When we looked at the traditional design environment in several companies, what we found is mechanical designers leading the workflow process, with the mechanical enclosure being the final determinant for how a design would come to completion.

Changing the mechanical designer’s tool would lead to a disruption in this traditional structure, and the weak link was clearly the PCB design tool being used that had no intelligent data connection with the mechanical environment.

PCBWorks solves all of the old problems of design collaboration, incorporating a number of powerful features that intelligently link design data to keep both design teams operating at their highest peak of efficiency. With PCBWorks, you can:

  • Actively make changes to component placement, board shape, and mounting holes on your PCB directly in your SolidWorks® environment, syncing data with PCBWorks easily with managed ECOs.
  • Ensure that your design data is as accurate as possible by using SolidWorks® native Parasolid file format directly in PCBWorks. By using native lossless files instead of error-prone translations, Parasolid provides the most accurate representation of your design intent and keeps your mechanical and electrical data in sync.
  • Gain an even greater degree of control over your PCB design process with access to copper traces from your board designs. Native Parasolid board data provides a new-level of analysis capabilities directly within SolidWorks® with thermal, vibration and other simulations.

That’s just a small sampling of everything that’s possible in PCBWorks for design collaboration. And with over 25 years of experience in PCB design, you can be assured that PCBWorks includes all of the necessary power needed to easily handle today’s electronic designs. Check out all the features in PCBWorks at http://www.3dvision.com/solidworks/partner-products  and see what’s possible for your design collaboration process.PCBWorks

3DVision Technologies

Your destination for design and manufacturing technology

DriveWorks for Sheet Scales

June 5th, 2015

If the overall size of your models change significantly, there is a good chance you will need DriveWorks to change your drawing sheet scales to keep your model looking nice on the sheet.

Imagine this is my drawing. Let’s say the height of my part does not change much, but my length (which is currently 100 in the model master) can change significantly.

DriveWorks Drawing

 

DriveWorks (Pro and Solo) gives us two sheet properties that we can use to drive the sheet scale:

Rules

If your company does not have standards on view scale requirements, the value of these two properties is rather simple. Set the numerator to always equal 1 and the denominator is a ratio of the new length to the old length times the current master sheet scale. So if my current sheet scale (in this example) is 1:5, my denominator rule would be (New length)/100*5. Making your rules look something like this:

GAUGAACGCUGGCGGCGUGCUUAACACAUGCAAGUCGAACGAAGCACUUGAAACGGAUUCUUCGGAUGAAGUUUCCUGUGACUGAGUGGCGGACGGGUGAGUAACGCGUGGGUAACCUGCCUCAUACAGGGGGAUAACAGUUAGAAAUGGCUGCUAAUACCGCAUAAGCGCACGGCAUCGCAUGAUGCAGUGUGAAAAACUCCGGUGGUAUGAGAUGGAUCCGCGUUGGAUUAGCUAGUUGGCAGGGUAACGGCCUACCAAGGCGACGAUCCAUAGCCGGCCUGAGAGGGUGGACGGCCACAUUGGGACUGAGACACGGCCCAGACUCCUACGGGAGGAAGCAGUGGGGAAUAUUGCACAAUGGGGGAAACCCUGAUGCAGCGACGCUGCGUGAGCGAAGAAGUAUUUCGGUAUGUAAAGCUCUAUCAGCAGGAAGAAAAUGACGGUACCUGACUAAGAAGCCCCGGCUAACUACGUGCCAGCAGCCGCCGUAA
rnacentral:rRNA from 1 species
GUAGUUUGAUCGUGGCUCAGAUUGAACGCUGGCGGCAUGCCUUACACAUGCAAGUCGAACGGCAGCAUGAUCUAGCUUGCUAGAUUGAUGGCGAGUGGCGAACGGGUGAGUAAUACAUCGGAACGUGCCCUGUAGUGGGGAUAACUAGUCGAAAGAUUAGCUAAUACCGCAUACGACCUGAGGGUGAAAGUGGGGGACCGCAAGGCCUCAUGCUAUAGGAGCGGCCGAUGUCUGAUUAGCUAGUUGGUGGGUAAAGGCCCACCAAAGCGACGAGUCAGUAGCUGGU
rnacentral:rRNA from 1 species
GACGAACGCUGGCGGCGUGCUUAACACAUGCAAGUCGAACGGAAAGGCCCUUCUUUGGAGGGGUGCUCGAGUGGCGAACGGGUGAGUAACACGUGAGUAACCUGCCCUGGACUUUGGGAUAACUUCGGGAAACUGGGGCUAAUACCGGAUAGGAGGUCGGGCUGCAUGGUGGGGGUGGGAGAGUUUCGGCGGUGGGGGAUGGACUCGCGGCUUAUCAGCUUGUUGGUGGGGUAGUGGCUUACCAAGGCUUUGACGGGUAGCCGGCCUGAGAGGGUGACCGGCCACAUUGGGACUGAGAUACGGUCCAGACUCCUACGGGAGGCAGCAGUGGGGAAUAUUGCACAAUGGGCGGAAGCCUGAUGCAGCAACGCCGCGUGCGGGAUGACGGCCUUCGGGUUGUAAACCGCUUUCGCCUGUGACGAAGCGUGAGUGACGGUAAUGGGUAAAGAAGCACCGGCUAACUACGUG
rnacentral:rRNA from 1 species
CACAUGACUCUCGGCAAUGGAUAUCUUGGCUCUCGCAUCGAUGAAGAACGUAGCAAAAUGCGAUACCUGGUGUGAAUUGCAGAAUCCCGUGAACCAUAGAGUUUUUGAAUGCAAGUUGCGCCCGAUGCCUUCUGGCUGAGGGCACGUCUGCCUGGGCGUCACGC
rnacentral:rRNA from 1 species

PopulatedRules

Now your drawing will automatically scale up or down depending on the length of the part. (Make sure your views are all using the sheet scale Drive Works sheetscale…or you can create rules for the individual views too.) Granted, it makes for some non-traditional sheet scale values (My drafting teacher would die if I put “1:3.76″ on in the title block, I usually just put “NOT TO SCALE”) but nobody puts calipers on drawings anymore anyway.

Cake.

…but what if your company is still using old standards that demand scales such as these:

Full size: 1:1
Enlargement scales: 2:1, 5:1, 10:1, 20:1, 50:1
Reduction scales: 1:2, 1:5, 1:10, 1:20, 1:50, 1:100, 1:200, 1:500, 1:1000, 1:2000, 1:5000, 1:10000

First, try to get an exception. (Why would DriveWorks created drawings have to follow this antiquated rule?) If you can’t get an exception, make a lookup table in DriveWorks.

DriveWorks Factors

Call the table something clever like “ScaleFactors”

First lets look at times when we want a reduction scale. (The numerator = 1). In these cases, we usually “round up” our numerator to the next larger scale factor (it is better for the views to be too small rather than being too big -and go off the page)

Now my previous denominator rule would look like this:

DMin(DwLookupScaleFactors,1,">=" & (New length)/100*5)

“DwLookUpScaleFactors” is the name of my table, I’m looking in the first column of that table, then finding the smallest number (DMin) that is greater or equal to the scale ratio that I calculated earlier. (So if my length is 100, DMin returns 5. If my length is 101, DMin returns 10)

In cases where we need an enlargement scale, the logic is the same except the denominator is = 1 and the numerator rule looks very much like the denominator rule above except you need to take the inverse of the ratio.